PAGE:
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Those with the least gluten in their diets had a slightly higher risk of developing Type 2 diabetes over a few decades, according to Harvard University School of Public Health.
“We wanted to determine if gluten consumption will affect health in people with no apparent medical reasons to avoid gluten,” Dr. Geng Zong, a Harvard University research fellow, said Thursday at a meeting of the American Heart Association in Portland, Oregon.
Gluten-free diets adopted by rising number of consumers enhance risk of Type 2 diabetes: Harvard study https://t.co/rTXSJ62ckCpic.twitter.com/lyTxS2Maks
— National Post (@nationalpost) March 10, 2017
The Harvard team examined 30 years of medical data from nearly 200,000 patients. Over this period, just under 16,000 participants developed Type 2 diabetes. Wong’s team looked at people’s gluten intake and found that participants who ate the least gluten had a higher risk of development diabetes over time.
The gluten-free craze is a symptom of a bigger problem with medicine https://t.co/GgVfX2XvNxpic.twitter.com/Y7TLCaNjhb
— Mother Jones (@MotherJones) March 10, 2017
Most people consumed no more than 12 grams of gluten each, (equivalent of two to three slices of wholemeal bread) with the average being 6 to 7 grams. Those in the top 20 percent for gluten intake were 13 percent less likely to develop Type 2 diabetes compared to the bottom 20 percent who typically ate 4 grams of gluten each day, the findings showed.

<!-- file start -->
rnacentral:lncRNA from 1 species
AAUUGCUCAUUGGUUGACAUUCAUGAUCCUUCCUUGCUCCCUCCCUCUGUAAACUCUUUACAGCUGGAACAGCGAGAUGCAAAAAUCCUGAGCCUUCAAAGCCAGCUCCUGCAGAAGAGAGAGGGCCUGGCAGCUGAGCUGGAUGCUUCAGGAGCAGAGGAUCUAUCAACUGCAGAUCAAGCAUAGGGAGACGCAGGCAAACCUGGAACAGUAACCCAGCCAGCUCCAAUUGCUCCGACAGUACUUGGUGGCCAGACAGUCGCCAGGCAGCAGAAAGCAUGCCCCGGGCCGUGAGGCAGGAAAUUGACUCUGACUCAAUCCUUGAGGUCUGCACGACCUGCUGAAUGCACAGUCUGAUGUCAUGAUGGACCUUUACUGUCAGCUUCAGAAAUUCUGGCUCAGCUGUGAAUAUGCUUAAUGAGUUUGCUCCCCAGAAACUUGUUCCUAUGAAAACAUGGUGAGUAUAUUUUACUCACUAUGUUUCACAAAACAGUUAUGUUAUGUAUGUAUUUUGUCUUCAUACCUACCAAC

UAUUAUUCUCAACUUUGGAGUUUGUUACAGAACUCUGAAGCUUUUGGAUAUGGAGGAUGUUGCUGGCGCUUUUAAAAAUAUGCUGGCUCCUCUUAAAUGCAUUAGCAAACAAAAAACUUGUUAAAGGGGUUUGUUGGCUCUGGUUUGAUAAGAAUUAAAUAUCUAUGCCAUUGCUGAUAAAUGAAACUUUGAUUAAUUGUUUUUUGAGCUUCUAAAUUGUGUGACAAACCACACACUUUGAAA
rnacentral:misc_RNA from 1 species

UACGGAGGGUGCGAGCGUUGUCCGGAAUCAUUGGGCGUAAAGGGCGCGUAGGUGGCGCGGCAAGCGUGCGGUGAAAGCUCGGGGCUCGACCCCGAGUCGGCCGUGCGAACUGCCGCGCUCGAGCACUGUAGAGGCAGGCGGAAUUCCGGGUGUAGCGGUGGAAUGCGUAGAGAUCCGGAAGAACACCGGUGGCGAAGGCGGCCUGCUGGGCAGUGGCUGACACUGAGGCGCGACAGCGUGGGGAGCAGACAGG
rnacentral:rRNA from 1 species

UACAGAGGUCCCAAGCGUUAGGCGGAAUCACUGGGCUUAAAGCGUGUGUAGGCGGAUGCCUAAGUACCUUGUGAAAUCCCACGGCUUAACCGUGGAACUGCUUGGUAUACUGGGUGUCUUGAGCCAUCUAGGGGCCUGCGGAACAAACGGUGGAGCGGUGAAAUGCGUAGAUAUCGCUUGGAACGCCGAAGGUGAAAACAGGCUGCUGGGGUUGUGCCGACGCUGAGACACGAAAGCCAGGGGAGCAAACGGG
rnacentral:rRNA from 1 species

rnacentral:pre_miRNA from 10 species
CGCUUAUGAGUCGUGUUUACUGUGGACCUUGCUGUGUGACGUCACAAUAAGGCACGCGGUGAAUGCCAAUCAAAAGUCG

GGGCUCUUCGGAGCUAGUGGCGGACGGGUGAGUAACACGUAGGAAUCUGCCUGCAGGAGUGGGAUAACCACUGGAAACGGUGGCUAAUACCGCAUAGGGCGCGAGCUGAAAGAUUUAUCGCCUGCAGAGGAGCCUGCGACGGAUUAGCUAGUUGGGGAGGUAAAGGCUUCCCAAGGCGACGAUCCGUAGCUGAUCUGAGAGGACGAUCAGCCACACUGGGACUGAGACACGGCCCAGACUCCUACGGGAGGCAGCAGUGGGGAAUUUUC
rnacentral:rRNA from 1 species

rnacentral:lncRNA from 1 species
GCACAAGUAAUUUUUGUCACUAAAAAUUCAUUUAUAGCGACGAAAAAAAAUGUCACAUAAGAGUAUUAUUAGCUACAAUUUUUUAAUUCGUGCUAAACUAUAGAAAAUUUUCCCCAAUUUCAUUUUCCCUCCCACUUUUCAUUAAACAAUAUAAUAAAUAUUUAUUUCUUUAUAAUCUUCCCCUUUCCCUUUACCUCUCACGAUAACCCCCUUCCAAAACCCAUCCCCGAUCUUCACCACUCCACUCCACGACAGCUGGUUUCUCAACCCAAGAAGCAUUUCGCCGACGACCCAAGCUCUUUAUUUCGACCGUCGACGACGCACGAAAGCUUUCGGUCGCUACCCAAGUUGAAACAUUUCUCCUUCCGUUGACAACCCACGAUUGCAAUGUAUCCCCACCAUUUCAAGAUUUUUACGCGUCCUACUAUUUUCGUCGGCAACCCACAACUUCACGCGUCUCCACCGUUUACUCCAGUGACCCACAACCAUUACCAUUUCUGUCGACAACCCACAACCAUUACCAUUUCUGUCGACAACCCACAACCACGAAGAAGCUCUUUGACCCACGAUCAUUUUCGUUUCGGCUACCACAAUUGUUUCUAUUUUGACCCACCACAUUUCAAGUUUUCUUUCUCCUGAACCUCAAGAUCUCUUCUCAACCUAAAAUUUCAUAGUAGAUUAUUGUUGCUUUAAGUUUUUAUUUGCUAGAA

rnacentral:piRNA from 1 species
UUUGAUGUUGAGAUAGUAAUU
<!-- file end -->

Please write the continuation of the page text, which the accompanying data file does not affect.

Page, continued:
Zong’s team took into account other factors including people’s exercise habits, weight, typical calories in Continue reading

No, Gluten-Free Diets Do NOT Cause Diabetes: New “Study” Has Serious Flaws

No, Gluten-Free Diets Do NOT Cause Diabetes: New “Study” Has Serious Flaws

Take a look at some headlines that have been flooding the internet for the last week or so:
Gluten-Free Diets May Be Tied to an Increased Risk of Type 2 Diabetes
Going Gluten Free May Raise Your Risk of Type 2 Diabetes
Downside to Gluten-Free Diets: Diabetes Risk?
Type 2 Diabetes Linked to Low Gluten Diets
Gluten-Free Diets Could Lead to Deficiencies and Cause Illness